Pancreatic cancer turns vitamin B6 against patients, study reveals

OKLAHOMA CITY, Okla. — Have you ever considered how the vitamins in your food might affect your health beyond just keeping you healthy? Researchers from the University of Oklahoma College of Medicine are shedding light on how vitamin B6, found in foods like chicken, fish, and bananas, interacts with pancreatic cancer. While vitamin B6 may be good when you’re healthy, the study warns that it also helps pancreatic cancer cells replicate.

The main problem researchers aimed to tackle was how pancreatic cancer cells seem to outmaneuver the body’s immune system. Normally, our bodies use natural killer (NK) cells, a type of immune cell, to fight off diseases. However, pancreatic cancer has a trick up its sleeve; it uses up all the vitamin B6, leaving these NK cells too weak to do their job.

Dr. Kamiya Mehla and her team have been looking into this issue closely. Using mice as test subjects, they found that simply adding more vitamin B6 to their diets didn’t solve the problem. The cancer cells just grew even more with extra vitamin B6. So, they tried a new three-step approach:

  1. They worked on blocking the mechanism through which cancer cells used to take up vitamin B6 away from the healthy cells.
  2. They worked on boosting the NK cells to make them stronger.
  3. They increased the supply of vitamin B6 to the mice.

Interestingly enough, this strategy worked to reduce the number of cancer cells.

“That was encouraging to discover,” Mehla says in a university release, “and it is important to know because the immune system needs to be strong for other treatments, like chemotherapy, to be effective. Therapy will not work if the immune system is not able to do its part.”

Adobe Stock image of pancreatic cancer cells.
Image of pancreatic cancer cells. (credit: Johns Hopkins Medicine/Adobe Stock)

The study shows that there’s potential to find new treatments for pancreatic cancer by understanding and manipulating the nutrients it needs to grow. Still, this is just the beginning. The research is promising, but it’s not yet a cure or a new treatment that doctors can use right now. It’s a step forward in understanding a very complex disease.

One of the big challenges in fighting pancreatic cancer is that it’s very hard to treat. With only about 11 percent of patients surviving more than five years after diagnosis, there’s a desperate need for new ways to tackle this disease. That’s why studies like this are so important. They offer new insights and directions for future research.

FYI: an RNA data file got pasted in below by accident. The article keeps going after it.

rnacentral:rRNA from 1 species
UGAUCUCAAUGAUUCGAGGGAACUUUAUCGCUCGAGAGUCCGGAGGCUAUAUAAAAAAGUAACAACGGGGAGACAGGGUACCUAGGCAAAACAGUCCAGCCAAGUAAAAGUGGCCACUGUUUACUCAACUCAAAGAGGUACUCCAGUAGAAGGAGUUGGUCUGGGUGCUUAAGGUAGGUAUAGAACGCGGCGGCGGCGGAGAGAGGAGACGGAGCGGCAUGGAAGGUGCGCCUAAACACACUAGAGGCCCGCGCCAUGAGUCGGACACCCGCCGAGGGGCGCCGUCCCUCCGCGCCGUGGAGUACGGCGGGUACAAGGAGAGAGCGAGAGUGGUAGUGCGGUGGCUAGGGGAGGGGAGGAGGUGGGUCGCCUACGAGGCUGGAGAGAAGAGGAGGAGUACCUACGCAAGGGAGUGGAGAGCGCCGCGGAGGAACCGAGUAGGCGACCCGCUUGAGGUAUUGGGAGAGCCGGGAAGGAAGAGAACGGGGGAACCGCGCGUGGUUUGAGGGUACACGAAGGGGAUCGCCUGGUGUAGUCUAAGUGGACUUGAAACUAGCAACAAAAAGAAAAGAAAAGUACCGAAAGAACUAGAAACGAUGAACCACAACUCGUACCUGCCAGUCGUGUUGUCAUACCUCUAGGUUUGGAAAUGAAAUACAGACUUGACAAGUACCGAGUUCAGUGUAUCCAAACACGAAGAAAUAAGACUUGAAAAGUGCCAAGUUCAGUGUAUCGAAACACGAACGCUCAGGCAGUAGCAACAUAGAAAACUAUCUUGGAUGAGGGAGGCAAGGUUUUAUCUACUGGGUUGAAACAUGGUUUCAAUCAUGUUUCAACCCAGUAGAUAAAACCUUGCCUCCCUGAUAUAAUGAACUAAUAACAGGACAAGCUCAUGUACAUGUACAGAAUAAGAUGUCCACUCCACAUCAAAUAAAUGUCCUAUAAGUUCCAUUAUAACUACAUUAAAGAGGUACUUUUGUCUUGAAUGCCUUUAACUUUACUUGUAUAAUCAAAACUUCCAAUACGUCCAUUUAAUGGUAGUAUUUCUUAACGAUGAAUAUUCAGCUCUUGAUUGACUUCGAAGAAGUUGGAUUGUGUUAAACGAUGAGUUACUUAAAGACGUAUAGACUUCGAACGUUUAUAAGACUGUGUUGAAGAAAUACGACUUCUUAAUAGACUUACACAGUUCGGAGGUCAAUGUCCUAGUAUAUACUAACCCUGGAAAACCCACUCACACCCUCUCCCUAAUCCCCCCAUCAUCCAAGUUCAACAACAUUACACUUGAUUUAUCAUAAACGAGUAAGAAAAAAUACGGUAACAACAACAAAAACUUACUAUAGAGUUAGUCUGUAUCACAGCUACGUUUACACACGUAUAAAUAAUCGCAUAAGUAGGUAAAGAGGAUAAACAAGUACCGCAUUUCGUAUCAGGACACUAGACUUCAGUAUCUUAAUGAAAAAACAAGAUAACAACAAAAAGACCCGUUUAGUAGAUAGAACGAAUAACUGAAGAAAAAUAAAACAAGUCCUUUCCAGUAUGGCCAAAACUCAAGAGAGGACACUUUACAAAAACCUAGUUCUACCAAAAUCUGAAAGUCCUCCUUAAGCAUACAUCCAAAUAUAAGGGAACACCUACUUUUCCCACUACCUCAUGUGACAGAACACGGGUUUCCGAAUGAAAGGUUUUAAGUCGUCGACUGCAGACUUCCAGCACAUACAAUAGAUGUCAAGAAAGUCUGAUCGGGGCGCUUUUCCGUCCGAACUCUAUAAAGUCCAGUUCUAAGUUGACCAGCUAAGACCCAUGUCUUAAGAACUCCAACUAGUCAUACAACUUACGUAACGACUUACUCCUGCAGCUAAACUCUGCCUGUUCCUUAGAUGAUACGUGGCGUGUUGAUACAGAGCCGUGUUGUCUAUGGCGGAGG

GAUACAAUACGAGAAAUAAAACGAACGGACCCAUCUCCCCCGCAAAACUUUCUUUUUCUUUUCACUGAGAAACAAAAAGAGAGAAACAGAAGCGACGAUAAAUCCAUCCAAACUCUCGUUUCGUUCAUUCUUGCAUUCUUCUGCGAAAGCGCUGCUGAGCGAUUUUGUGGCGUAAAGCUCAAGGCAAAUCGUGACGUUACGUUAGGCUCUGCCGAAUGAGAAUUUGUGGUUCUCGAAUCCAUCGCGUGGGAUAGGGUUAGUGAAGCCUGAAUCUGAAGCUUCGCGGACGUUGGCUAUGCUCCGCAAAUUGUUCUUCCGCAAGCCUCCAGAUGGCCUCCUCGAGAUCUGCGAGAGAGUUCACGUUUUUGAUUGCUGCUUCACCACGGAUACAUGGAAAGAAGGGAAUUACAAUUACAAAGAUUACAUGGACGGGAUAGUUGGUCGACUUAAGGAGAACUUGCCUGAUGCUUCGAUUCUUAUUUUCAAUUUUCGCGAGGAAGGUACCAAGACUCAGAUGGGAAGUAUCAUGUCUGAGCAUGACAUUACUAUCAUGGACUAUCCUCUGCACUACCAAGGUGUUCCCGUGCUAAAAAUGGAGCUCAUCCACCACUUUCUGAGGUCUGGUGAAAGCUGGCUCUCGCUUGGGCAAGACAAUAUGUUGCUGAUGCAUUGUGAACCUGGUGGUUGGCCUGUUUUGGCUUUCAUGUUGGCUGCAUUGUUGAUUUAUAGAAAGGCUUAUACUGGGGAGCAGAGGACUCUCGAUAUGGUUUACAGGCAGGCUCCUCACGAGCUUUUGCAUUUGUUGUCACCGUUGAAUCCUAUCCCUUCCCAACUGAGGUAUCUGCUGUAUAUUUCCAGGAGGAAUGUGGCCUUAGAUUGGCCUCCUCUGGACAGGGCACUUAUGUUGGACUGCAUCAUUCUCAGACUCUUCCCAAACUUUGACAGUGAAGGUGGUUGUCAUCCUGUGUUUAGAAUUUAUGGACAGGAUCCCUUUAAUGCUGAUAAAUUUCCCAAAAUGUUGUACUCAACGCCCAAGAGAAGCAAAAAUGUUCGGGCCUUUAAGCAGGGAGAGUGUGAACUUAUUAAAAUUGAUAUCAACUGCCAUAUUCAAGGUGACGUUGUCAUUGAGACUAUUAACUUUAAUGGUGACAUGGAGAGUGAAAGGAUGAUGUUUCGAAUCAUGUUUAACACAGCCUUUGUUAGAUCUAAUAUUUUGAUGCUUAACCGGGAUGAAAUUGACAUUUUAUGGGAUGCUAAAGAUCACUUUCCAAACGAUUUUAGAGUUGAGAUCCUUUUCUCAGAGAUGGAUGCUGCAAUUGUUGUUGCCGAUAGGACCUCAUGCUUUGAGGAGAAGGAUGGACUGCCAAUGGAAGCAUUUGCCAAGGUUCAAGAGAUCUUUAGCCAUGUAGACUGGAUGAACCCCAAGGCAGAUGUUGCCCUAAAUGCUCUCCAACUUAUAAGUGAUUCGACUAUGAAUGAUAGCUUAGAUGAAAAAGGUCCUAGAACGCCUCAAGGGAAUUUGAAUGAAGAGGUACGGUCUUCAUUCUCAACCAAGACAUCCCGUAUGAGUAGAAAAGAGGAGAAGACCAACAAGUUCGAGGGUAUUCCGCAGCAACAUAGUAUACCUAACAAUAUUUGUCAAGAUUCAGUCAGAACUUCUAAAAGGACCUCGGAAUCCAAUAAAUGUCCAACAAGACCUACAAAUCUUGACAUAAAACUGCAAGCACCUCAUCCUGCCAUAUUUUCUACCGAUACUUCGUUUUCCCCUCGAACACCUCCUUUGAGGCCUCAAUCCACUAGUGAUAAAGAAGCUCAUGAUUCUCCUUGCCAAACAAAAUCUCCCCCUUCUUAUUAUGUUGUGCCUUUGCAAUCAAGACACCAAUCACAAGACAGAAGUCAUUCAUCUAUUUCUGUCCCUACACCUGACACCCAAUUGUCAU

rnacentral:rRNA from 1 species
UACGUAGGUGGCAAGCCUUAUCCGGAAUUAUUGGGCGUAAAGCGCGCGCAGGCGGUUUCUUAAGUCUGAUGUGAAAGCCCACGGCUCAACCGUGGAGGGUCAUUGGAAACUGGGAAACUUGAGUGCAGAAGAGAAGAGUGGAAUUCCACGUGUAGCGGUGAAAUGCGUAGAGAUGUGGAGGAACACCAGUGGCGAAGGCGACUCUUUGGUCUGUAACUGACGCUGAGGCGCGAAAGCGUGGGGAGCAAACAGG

Of course, every study has its limits. Dr. Mehla’s research is still in the early stages, and there’s much more to learn before these findings can be turned into new treatments for patients. The study’s strength lies in its innovative approach to a difficult problem, but more research is needed to fully understand how these findings can be applied in real-world settings.

What does a pharmacist think?

Fighting cancer is tough, especially when it is as aggressive as pancreatic cancer. The idea proposed in this study is not only interesting but, if proven, can help practitioners and patients in the battle to beat cancer. When cancer is present, it not only weakens the immune system but also hijacks the body’s normal processes (i.e. stealing vitamin B6 from being used normally). Many techniques for fighting cancer revolve around figuring out how to starve the cancerous cells while still feeding the normal healthy cells.

As you can probably imagine, this is a very difficult thing to do. Hence why treating aggressive cancers is often a losing battle. Being able to starve the cancerous cells while feeding the healthy cells, as was demonstrated in this study, would not only help existing chemotherapy treatments work better but also give rise to newer, more efficient therapies in the future.

So, what’s the takeaway from all this? While we’re not at a point where we can change how pancreatic cancer is treated, this research highlights the importance of understanding the role of nutrients like vitamin B6 in cancer. It’s a reminder that the foods we eat and the vitamins they contain can play a role in the complex battle between our bodies and diseases like cancer. It will be interesting to see where this research goes, as its potential is great.

The study is published in the American Association for Cancer Research’s (AACR) journal, Cancer Discovery.

Follow on Google News

About the Author

Alexander Olumese, PharmD

Alexander Olumese is a DMV-based registered pharmacist and medical writer. He has over 10 years of experience with community and hospital pharmacies, as well as over 3 years within the pharmaceutical industry as a medical writer within medical affairs. He has a background in a variety of therapeutic areas. However, he specializes in cardiovascular disease, oncology, pain medicine, and infectious disease.

The contents of this website do not constitute advice and are provided for informational purposes only. See our full disclaimer